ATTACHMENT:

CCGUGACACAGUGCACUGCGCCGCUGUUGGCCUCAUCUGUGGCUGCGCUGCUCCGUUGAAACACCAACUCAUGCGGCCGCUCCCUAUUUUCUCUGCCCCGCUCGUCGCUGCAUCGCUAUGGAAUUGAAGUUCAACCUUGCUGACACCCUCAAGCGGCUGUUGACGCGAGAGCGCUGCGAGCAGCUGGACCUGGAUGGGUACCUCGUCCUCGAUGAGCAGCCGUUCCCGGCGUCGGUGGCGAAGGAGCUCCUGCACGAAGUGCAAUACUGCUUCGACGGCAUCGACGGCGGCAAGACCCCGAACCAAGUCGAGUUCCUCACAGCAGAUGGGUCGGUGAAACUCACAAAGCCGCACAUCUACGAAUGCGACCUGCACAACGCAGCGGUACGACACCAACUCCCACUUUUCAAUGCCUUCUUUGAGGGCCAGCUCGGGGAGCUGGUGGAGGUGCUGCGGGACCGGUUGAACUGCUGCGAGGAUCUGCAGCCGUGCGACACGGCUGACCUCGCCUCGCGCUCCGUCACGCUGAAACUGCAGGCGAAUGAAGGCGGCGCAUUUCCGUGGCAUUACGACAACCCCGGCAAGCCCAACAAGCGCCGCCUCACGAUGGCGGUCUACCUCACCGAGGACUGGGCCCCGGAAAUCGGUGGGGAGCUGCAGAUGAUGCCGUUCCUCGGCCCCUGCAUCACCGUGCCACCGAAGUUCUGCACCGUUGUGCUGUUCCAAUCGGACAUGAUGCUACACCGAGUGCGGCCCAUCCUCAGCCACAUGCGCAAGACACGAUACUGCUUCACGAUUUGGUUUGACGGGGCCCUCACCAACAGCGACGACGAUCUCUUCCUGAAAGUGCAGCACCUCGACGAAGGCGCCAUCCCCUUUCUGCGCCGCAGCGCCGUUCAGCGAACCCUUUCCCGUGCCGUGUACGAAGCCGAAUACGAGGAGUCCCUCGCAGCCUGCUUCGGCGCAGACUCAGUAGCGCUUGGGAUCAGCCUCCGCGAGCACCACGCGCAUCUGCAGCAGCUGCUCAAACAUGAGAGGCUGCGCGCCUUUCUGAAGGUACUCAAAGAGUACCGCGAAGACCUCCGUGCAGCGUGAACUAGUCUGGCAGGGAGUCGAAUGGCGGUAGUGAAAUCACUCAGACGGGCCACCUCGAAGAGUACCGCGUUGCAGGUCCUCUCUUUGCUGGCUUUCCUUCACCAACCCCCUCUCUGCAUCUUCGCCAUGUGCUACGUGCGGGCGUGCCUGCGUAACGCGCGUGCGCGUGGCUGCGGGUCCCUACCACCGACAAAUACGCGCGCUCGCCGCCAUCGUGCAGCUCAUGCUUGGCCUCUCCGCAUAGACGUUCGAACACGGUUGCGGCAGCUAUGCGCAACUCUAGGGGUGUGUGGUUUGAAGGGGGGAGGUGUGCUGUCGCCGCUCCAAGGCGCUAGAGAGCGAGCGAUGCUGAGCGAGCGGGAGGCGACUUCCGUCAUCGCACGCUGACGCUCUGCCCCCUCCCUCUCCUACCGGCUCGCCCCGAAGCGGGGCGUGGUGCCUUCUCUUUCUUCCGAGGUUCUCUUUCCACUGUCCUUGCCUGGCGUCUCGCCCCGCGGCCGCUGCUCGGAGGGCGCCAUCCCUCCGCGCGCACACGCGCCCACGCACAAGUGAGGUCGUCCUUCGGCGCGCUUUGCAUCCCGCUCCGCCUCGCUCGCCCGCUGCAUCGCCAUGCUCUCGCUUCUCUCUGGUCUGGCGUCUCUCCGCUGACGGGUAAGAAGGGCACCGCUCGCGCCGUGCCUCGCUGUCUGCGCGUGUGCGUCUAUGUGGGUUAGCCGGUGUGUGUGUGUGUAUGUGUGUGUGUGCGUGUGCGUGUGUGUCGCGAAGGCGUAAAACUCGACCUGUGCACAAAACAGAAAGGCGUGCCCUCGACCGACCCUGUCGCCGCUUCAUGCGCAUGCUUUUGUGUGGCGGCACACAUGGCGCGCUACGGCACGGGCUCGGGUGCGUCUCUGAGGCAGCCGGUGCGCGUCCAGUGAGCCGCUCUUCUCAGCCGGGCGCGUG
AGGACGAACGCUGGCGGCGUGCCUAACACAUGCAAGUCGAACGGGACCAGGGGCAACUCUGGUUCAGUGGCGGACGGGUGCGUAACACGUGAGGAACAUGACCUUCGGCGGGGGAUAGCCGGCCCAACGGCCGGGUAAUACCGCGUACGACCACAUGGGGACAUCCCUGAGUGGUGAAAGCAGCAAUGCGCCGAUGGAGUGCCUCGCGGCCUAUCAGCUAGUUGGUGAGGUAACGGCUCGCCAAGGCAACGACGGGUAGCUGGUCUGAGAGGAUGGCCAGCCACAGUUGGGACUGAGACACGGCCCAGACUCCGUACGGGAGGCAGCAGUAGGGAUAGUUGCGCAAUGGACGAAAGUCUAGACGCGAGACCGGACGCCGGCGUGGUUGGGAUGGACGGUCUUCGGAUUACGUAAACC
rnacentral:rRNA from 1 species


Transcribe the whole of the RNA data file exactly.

CCGUGACACAGUGCACUGCGCCGCUGUUGGCCUCAUCUGUGGCUGCGCUGCUCCGUUGAAACACCAACUCAUGCGGCCGCUCCCUAUUUUCUCUGCCCCGCUCGUCGCUGCAUCGCUAUGGAAUUGAAGUUCAACCUUGCUGACACCCUCAAGCGGCUGUUGACGCGAGAGCGCUGCGAGCAGCUGGACCUGGAUGGGUACCUCGUCCUCGAUGAGCAGCCGUUCCCGGCGUCGGUGGCGAAGGAGCUCCUGCACGAAGUGCAAUACUGCUUCGACGGCAUCGACGGCGGCAAGACCCCGAACCAAGUCGAGUUCCUCACAGCAGAUGGGUCGGUGAAACUCACAAAGCCGCACAUCUACGAAUGCGACCUGCACAACGCAGCGGUACGACACCAACUCCCACUUUUCAAUGCCUUCUUUGAGGGCCAGCUCGGGGAGCUGGUGGAGGUGCUGCGGGACCGGUUGAACUGCUGCGAGGAUCUGCAGCCGUGCGACACGGCUGACCUCGCCUCGCGCUCCGUCACGCUGAAACUGCAGGCGAAUGAAGGCGGCGCAUUUCCGUGGCAUUACGACAACCCCGGCAAGCCCAACAAGCGCCGCCUCACGAUGGCGGUCUACCUCACCGAGGACUGGGCCCCGGAAAUCGGUGGGGAGCUGCAGAUGAUGCCGUUCCUCGGCCCCUGCAUCACCGUGCCACCGAAGUUCUGCACCGUUGUGCUGUUCCAAUCGGACAUGAUGCUACACCGAGUGCGGCCCAUCCUCAGCCACAUGCGCAAGACACGAUACUGCUUCACGAUUUGGUUUGACGGGGCCCUCACCAACAGCGACGACGAUCUCUUCCUGAAAGUGCAGCACCUCGACGAAGGCGCCAUCCCCUUUCUGCGCCGCAGCGCCGUUCAGCGAACCCUUUCCCGUGCCGUGUACGAAGCCGAAUACGAGGAGUCCCUCGCAGCCUGCUUCGGCGCAGACUCAGUAGCGCUUGGGAUCAGCCUCCGCGAGCACCACGCGCAUCUGCAGCAGCUGCUCAAACAUGAGAGGCUGCGCGCCUUUCUGAAGGUACUCAAAGAGUACCGCGAAGACCUCCGUGCAGCGUGAACUAGUCUGGCAGGGAGUCGAAUGGCGGUAGUGAAAUCACUCAGACGGGCCACCUCGAAGAGUACCGCGUUGCAGGUCCUCUCUUUGCUGGCUUUCCUUCACCAACCCCCUCUCUGCAUCUUCGCCAUGUGCUACGUGCGGGCGUGCCUGCGUAACGCGCGUGCGCGUGGCUGCGGGUCCCUACCACCGACAAAUACGCGCGCUCGCCGCCAUCGUGCAGCUCAUGCUUGGCCUCUCCGCAUAGACGUUCGAACACGGUUGCGGCAGCUAUGCGCAACUCUAGGGGUGUGUGGUUUGAAGGGGGGAGGUGUGCUGUCGCCGCUCCAAGGCGCUAGAGAGCGAGCGAUGCUGAGCGAGCGGGAGGCGACUUCCGUCAUCGCACGCUGACGCUCUGCCCCCUCCCUCUCCUACCGGCUCGCCCCGAAGCGGGGCGUGGUGCCUUCUCUUUCUUCCGAGGUUCUCUUUCCACUGUCCUUGCCUGGCGUCUCGCCCCGCGGCCGCUGCUCGGAGGGCGCCAUCCCUCCGCGCGCACACGCGCCCACGCACAAGUGAGGUCGUCCUUCGGCGCGCUUUGCAUCCCGCUCCGCCUCGCUCGCCCGCUGCAUCGCCAUGCUCUCGCUUCUCUCUGGUCUGGCGUCUCUCCGCUGACGGGUAAGAAGGGCACCGCUCGCGCCGUGCCUCGCUGUCUGCGCGUGUGCGUCUAUGUGGGUUAGCCGGUGUGUGUGUGUGUAUGUGUGUGUGUGCGUGUGCGUGUGUGUCGCGAAGGCGUAAAACUCGACCUGUGCACAAAACAGAAAGGCGUGCCCUCGACCGACCCUGUCGCCGCUUCAUGCGCAUGCUUUUGUGUGGCGGCACACAUGGCGCGCUACGGCACGGGCUCGGGUGCGUCUCUGAGGCAGCCGGUGCGCGUCCAGUGAGCCGCUCUUCUCAGCCGGGCGCGUG
AGGACGAACGCUGGCGGCGUGCCUAACACAUGCAAGUCGAACGGGACCAGGGGCAACUCUGGUUCAGUGGCGGACGGGUGCGUAACACGUGAGGAACAUGACCUUCGGCGGGGGAUAGCCGGCCCAACGGCCGGGUAAUACCGCGUACGACCACAUGGGGACAUCCCUGAGUGGUGAAAGCAGCAAUGCGCCGAUGGAGUGCCUCGCGGCCUAUCAGCUAGUUGGUGAGGUAACGGCUCGCCAAGGCAACGACGGGUAGCUGGUCUGAGAGGAUGGCCAGCCACAGUUGGGACUGAGACACGGCCCAGACUCCGUACGGGAGGCAGCAGUAGGGAUAGUUGCGCAAUGGACGAAAGUCUAGACGCGAGACCGGACGCCGGCGUGGUUGGGAUGGACGGUCUUCGGAUUACGUAAACC
rnacentral:rRNA from 1 species